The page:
Court rules ACLU Kansas, Kansas Appleseed can move forward with Wichita Police gang list lawsuit
A United States District Court has ruled that the ACLU of Kansas and the Kansas Appleseed can move forward with its lawsuit against the City of Wichita.
The organizations sued the city and the Wichita police department last year on behalf of the juvenile justice nonprofit Progeny and several people included on the list of alleged gang members and gang associates, claiming their use of a gang list is unconstitutional.
The city filed a motion to dismiss the lawsuit, but a federal court judge denied the motion earlier this week.
A city spokesperson declined to comment on the case.
Those suing said that people are put on the list without notice or without criminal charges being filed.
“It could be that you're associating with somebody that they think is also a gang member, and associating – I think in the Wichita Police minds – can mean just being in their presence,” said Teresa Woody with Kansas Appleseed, a nonprofit advocacy organization. “It can mean wearing a certain color that they associate with the gang membership or it can be … having a certain tattoo that they think is gang related.”
Woody said the police department also makes it difficult for names to be removed from the list.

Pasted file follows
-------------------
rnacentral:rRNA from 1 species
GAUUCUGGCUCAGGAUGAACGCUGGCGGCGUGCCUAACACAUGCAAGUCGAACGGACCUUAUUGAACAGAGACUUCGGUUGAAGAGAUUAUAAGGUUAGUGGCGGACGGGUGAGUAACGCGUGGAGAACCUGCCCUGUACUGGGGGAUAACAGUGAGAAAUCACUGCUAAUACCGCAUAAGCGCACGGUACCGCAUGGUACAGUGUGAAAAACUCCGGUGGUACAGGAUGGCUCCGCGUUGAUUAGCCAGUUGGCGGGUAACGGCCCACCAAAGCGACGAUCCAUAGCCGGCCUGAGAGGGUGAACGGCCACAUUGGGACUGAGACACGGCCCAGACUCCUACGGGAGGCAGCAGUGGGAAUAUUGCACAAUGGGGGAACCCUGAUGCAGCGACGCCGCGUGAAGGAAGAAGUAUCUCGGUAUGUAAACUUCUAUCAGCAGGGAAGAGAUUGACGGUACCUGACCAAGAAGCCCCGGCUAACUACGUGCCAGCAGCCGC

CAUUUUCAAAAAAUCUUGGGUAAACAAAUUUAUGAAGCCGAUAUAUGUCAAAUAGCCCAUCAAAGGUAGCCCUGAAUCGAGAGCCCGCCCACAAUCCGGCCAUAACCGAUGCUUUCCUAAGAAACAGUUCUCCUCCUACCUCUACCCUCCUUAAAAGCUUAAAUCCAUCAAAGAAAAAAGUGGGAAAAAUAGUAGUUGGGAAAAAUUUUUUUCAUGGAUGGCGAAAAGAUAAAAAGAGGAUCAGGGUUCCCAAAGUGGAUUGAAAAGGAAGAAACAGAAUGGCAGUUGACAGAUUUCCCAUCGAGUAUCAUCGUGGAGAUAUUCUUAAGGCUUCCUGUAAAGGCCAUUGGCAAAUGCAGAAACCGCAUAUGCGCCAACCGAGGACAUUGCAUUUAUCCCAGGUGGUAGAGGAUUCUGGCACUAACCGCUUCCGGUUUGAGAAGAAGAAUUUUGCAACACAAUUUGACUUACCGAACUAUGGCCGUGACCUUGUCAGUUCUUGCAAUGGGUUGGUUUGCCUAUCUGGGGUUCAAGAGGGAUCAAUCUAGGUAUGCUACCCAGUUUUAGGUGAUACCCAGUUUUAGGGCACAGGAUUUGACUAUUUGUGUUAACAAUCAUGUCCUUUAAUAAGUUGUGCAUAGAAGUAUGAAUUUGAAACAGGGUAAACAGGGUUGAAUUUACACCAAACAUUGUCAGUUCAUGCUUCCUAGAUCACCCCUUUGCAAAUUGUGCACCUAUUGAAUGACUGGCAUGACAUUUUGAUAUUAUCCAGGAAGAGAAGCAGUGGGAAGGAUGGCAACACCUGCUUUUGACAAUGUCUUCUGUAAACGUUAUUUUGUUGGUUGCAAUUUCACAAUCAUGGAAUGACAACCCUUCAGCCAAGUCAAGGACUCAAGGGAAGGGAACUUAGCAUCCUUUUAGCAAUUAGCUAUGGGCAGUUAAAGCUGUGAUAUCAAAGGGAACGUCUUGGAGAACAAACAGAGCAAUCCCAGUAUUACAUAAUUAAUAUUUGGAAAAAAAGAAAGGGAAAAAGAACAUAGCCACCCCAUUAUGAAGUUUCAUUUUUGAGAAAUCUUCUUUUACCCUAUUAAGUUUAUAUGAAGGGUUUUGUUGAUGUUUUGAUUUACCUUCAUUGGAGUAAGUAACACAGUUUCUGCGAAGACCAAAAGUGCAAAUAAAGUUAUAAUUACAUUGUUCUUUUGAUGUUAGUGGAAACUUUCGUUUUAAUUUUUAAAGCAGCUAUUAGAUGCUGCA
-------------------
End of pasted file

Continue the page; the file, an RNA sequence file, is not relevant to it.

“There's no way to get off, and there's no way to challenge,” Woody said. “You can't ask for some kind of… hearing or due process if you say, ‘No, I'm not a gang member.’”
People on the list say it can be hard for them to get jobs and housing. ACLU of Kansas Legal Director Sharon Brett said the list, with more than 3,000 names, disproportionately targets Black and brown communities.
“Courts are really waking up to the fact that these gang lists that have been in place for decades, have significant constitutional implications that can be really harmful for communities,” Brett said about a recent ruling on a similar case in Boston.
Being on the list – even unknowingly – can lead to harsher sentencing or probation conditions.
“Your bail could be set much higher automatically,” Brett said. “If you are given probation, you will likely be assigned special conditions of probation that have to do with being a member of a gang, a curfew at 6 p.m.
“You might be prohibited from frequenting numerous businesses or associating being seen with other people who are on the gang list. And that's extremely problematic because you don't know who else is on the gang list.”